Tag Archives: I-900

No On I-900 Voters’ Guide Statement

Rethinking and Reframing

I-900 GOES TOO FAR AND WASTES TAXPAYER’S DOLLARS
Everyone wants government to operate efficiently, and performance reviews are a tool to achieve efficiency when done wisely and with common sense. But, this initiative lacks common sense:

1. Local citizens and their locally elected officials should establish their own goals and priorities, not Olympia;

2. Local governments will have to spend scarce staff time and local taxpayer dollars to collect data for the audits;

3. One size does not fit all. There are over 2,000 units of local government, from large metropolitan cities and counties to small rural mosquito control and irrigation districts. They all have different purposes and responsibilities. Is it really appropriate to compare a unit of government of 300 to a unit of government of 300,000?

I-900 IS UNNECESSARY AND DUPLICATIVE

The 2005 legislature passed two performance audit bills, one for Department of Transportation programs and another for state agencies. Many local governments already provide accountability by conducting their own performance reviews. This initiative is an unnecessary duplication that would add another layer of government and cost tens of millions of tax dollars.

Before you vote, ask yourself – Would you really trust one partisan elected state official to tell your local government what to do?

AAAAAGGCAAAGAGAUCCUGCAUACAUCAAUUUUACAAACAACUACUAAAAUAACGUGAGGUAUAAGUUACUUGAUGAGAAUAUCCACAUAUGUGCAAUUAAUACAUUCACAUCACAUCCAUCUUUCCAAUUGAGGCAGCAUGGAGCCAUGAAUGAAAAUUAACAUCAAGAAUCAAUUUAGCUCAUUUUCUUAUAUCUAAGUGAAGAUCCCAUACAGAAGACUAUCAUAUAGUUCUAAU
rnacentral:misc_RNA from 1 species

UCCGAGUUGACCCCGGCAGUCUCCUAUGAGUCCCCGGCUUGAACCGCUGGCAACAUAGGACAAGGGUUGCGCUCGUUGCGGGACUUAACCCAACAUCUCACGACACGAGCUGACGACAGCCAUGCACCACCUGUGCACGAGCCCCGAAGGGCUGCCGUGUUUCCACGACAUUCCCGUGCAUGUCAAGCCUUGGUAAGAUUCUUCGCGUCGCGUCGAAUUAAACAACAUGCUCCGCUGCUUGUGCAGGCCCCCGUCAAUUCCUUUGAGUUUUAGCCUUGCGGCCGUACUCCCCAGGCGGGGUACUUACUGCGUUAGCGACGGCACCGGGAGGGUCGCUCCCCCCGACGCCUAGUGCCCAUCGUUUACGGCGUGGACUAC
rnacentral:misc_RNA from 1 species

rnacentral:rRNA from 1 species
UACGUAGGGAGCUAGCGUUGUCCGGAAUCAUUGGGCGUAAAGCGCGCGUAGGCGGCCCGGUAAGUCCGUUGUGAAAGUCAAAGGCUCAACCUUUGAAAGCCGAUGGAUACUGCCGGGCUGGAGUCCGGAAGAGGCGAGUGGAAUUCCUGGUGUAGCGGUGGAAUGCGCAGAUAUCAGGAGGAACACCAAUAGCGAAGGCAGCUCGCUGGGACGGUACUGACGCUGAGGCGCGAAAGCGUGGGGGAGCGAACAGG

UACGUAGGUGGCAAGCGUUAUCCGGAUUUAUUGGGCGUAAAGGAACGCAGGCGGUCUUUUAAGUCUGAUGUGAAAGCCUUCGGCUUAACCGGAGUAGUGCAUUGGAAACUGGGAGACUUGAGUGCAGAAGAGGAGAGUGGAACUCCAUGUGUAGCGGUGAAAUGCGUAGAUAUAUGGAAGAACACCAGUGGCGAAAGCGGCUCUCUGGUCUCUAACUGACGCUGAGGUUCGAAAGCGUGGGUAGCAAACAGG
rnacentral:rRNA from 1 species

WE HOPE YOU WILL ANSWER NO AND VOTE NO ON INITIATIVE 900.

Eyman fundraising update

Eye on Money: Developments

The latest figures, from The Olympian’s Brad Shannon:

Eyman’s I-900, which proposes an expansion of performance audits for state and local agencies, raised about $617,000. Of that, $489,494 came from a retired Woodinville investment executive, Michael Dunmire, and his wife, Phyllis Dunmire.

Again, this is nothing but one man’s pet project. Dunmire has provided roughly 80% of Eyman’s financial support (up from 76.5% in figures that appeared in a Spokesman-Review article). Dunmire is pumping Eyman’s committee up like a balloon with donation after donation.

Eyman’s phony view of reality

Rethinking and ReframingStatements & Advisories

In a email to supporters yesterday (copied to the media), Tim Eyman again extended his electronic tin can, asking supporters to make a contribution to his “Help Us Help Ourselves” compensation fund.

He also didn’t waste an opportunity to make a number of feel-good statements about his activities, presenting a phony view of reality.